|1161||Second||Apr 2017||Plant Biosecurity and Product Integrity|
Fire blight (Erwinia amylovora) is an exotic plant pest not present in Australia. This plant disease is a serious threat to Australia’s apple and pear industries.
Fire blight (Erwinia amylovora) is a notifiable plant disease in NSW.
All notifiable plant pests and diseases must be reported within 1 working day. You can report notifiable plant pests and diseases by one of the following methods:
A full list of notifiable plant pests and diseases can be found in Schedule 2 of the NSW Biosecurity Act 2015.
Fire blight is a bacterial disease caused by Erwinia amylovora.
Fire blight can appear as different symptoms, depending on which plant parts are affected and seasonal timing. The most typical symptom is the shepherd’s crook (Figure 1).
The first symptoms of fire blight can be seen in the flowers as blossom blight (Figure 2). In the early stages of infection blossoms appear water-soaked and gray-green but quickly turn brown or black.
Generally the entire flower cluster becomes blighted and killed. Bacteria move from the flowers into the shoots.
Shoot blight is the most obvious symptom of fire blight and can appear one to several weeks after petal fall.
The leaves and the stem on young shoot tips turn brown or black and bend over into a characteristic shape similar to the top of a shepherd’s crook or candy cane (Figure 1).
Small droplets of sticky bacterial ooze can often be seen on the surface of fire blight shoots when the weather is warm and humid.
Under favourable conditions shoot blight infections will multiply and continue to expand down the stems. When the bacteria invade and kill the cambium tissue of the branch, all flowers, leaves and fruit above the girdled area die.
Infected trees appear to be scorched by fire, hence the name ‘fire blight’.
Shoot blight infections can expand beyond the current season’s growth into the older supporting wood, causing dark sunken cankers to form.
Fruit appears small, dark and shriveled if infected when young. If infected later expanding red, brown or black lesions appear.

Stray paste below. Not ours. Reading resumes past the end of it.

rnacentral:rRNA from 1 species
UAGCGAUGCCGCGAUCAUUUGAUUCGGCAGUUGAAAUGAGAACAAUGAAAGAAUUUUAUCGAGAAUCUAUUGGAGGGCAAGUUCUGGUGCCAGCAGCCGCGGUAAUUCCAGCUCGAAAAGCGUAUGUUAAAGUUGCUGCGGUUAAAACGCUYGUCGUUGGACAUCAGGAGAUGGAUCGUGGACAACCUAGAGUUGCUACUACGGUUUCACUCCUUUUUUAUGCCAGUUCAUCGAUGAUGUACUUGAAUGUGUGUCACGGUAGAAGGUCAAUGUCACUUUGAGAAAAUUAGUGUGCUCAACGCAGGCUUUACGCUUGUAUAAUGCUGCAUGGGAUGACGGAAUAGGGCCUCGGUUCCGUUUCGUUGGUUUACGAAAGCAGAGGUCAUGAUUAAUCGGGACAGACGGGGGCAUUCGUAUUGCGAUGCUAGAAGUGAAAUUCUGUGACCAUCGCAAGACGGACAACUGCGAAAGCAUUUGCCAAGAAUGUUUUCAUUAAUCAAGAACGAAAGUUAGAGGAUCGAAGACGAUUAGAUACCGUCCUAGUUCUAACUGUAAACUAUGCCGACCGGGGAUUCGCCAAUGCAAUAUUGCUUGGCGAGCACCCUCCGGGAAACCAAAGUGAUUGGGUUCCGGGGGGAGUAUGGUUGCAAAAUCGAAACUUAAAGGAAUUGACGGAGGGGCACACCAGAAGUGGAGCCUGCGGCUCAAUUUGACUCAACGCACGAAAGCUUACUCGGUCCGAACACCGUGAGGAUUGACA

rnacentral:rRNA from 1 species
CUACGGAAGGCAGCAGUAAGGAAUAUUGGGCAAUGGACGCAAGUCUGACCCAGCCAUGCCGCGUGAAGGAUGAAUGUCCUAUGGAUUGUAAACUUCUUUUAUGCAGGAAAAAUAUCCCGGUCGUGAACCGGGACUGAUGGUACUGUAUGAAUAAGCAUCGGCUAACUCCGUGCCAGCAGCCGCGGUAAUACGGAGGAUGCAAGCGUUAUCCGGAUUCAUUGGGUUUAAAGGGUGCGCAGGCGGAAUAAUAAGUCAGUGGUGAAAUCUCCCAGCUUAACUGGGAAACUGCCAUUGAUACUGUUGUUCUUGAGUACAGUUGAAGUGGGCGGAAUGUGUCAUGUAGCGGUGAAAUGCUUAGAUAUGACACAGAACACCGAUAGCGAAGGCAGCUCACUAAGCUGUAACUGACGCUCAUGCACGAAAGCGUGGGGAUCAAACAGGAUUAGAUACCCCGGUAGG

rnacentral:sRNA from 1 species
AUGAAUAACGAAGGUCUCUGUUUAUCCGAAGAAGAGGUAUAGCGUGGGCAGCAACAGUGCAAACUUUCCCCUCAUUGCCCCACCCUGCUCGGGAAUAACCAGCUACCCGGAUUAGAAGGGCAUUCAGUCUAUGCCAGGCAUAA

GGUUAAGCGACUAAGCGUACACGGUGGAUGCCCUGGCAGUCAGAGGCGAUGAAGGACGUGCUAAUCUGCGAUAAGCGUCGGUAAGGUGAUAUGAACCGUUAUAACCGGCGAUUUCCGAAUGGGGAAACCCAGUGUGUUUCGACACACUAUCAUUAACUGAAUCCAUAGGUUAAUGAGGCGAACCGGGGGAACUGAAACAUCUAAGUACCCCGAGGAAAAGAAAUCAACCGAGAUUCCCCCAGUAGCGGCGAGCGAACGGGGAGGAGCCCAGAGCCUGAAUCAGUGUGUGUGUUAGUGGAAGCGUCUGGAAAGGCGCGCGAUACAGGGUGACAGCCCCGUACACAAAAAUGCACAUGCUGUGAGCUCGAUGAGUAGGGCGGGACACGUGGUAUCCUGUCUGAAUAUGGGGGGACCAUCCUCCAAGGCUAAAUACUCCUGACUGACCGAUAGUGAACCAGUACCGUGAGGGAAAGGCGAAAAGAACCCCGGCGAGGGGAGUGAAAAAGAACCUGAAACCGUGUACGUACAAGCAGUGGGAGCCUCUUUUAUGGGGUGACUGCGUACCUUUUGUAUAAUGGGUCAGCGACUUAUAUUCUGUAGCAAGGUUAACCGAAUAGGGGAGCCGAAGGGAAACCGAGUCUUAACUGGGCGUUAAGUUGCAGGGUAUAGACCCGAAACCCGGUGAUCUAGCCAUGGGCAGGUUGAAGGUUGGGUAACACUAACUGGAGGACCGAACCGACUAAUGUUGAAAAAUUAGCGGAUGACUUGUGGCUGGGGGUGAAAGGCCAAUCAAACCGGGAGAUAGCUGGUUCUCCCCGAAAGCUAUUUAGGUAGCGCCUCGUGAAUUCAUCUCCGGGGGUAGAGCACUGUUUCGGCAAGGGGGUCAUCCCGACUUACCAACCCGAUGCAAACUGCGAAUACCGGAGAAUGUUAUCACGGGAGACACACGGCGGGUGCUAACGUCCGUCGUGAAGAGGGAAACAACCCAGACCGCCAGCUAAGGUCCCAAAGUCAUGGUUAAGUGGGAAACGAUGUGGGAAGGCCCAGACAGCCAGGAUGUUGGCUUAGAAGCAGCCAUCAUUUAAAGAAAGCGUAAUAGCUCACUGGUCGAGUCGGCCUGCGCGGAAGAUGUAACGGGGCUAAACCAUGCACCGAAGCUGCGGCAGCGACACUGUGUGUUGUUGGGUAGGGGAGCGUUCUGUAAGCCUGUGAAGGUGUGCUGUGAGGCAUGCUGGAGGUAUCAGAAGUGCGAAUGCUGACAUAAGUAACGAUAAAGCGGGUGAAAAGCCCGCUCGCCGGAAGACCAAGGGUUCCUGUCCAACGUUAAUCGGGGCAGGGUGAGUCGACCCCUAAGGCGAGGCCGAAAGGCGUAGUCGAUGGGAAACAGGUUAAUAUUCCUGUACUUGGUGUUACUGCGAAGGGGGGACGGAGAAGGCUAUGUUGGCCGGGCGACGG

Infected fruit often exudes droplets of sticky bacterial ooze especially when the weather is warm and humid.
Infected fruit gradually dries and remains attached to the branch rather than dropping.
Cankers on branches or stems appear as dark discoloured slightly sunken areas with a narrow callus ridge along the outer edge.
The inner bark under the bark associated with a canker may change colour from green to brown depending on the host plant variety.
Active cankers produce bacterial ooze.
The entire tree on a susceptible rootstock can wilt and die if these areas become infected.
Fire blight bacteria overwinter in blighted branches and at the edge of cankers formed during the previous growing season.
As the weather warms in spring the bacteria multiply and ooze to the surface in sticky droplets.
Bacteria can be transferred from the active cankers to spring blossoms by insects and rain splash.
Once in the flowers the bacteria multiply rapidly and, when temperatures are greater than 18 oC, can build to very high levels. Bacteria can be moved from flower to flower by bees.
Infection does not usually occur unless the bacteria are washed by rain to natural openings at the base of the flower.
Blossoms wilt and die about 1-2 weeks later.
Bacteria oozing from blossoms spreads to young green shoots.
As the season continues and shoot growth slows and stops the shoots become progressively less susceptible to new infections. The rate at which bacteria move through woody tissues also slows down and cankers are formed.
Insects and rain move the bacteria to flowers and shoots. Infection occurs through wounds caused by insects feeding, wind-whipping and hail. Within the growing season bacterial ooze is produced from these new infection sites.
Further spread occurs as long as shoots keep growing and wounding of the tree occurs.
A wide range of plants in the Rosaceae (rose) family are affected by fire blight.
Fire blight hosts include fruit trees such as apple, pear and quince and amenity plants such as cotoneaster, crab apple, flowering quince and hawthorn.
Fire blight was first recorded in the USA in 1794 on apples in New York State. The bacterium is native to North America and is present throughout the continent where susceptible plants of the Roseaceae family are grown.
Fire blight is present in many regions of commercial apple and pear production.
Fire blight is not present in Australia.
There is no cure for fire blight.
Prevention is the best option for the management of fire blight.
Put in place biosecurity best practice actions to prevent entry, establishment and spread of pests and disease: